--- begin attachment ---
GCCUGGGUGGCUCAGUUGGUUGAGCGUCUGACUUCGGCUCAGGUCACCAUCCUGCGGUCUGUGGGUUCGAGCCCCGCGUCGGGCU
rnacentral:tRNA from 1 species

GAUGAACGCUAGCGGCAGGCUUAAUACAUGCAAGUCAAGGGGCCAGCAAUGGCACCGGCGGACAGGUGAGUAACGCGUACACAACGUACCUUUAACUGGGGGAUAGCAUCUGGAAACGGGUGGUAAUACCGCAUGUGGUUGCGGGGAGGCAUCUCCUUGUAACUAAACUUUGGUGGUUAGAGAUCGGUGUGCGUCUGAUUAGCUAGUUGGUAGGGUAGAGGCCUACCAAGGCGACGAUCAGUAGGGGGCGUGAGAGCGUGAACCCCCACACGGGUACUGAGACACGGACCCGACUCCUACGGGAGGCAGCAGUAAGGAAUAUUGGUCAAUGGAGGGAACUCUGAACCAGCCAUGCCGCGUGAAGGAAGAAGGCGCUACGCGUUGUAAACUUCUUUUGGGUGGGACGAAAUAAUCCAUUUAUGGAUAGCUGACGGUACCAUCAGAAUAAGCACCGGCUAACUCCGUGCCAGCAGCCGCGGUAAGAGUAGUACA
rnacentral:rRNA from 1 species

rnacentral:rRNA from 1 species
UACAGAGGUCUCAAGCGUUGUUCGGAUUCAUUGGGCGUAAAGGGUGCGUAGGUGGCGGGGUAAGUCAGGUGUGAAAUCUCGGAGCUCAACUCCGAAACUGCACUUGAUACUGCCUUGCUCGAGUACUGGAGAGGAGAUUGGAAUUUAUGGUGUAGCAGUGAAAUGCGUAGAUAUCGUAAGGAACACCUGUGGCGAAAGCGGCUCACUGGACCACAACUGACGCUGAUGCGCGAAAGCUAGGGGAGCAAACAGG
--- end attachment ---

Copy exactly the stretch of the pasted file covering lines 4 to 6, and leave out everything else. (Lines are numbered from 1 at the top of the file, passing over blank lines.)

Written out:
rnacentral:rRNA from 1 species

rnacentral:rRNA from 1 species
UACAGAGGUCUCAAGCGUUGUUCGGAUUCAUUGGGCGUAAAGGGUGCGUAGGUGGCGGGGUAAGUCAGGUGUGAAAUCUCGGAGCUCAACUCCGAAACUGCACUUGAUACUGCCUUGCUCGAGUACUGGAGAGGAGAUUGGAAUUUAUGGUGUAGCAGUGAAAUGCGUAGAUAUCGUAAGGAACACCUGUGGCGAAAGCGGCUCACUGGACCACAACUGACGCUGAUGCGCGAAAGCUAGGGGAGCAAACAGG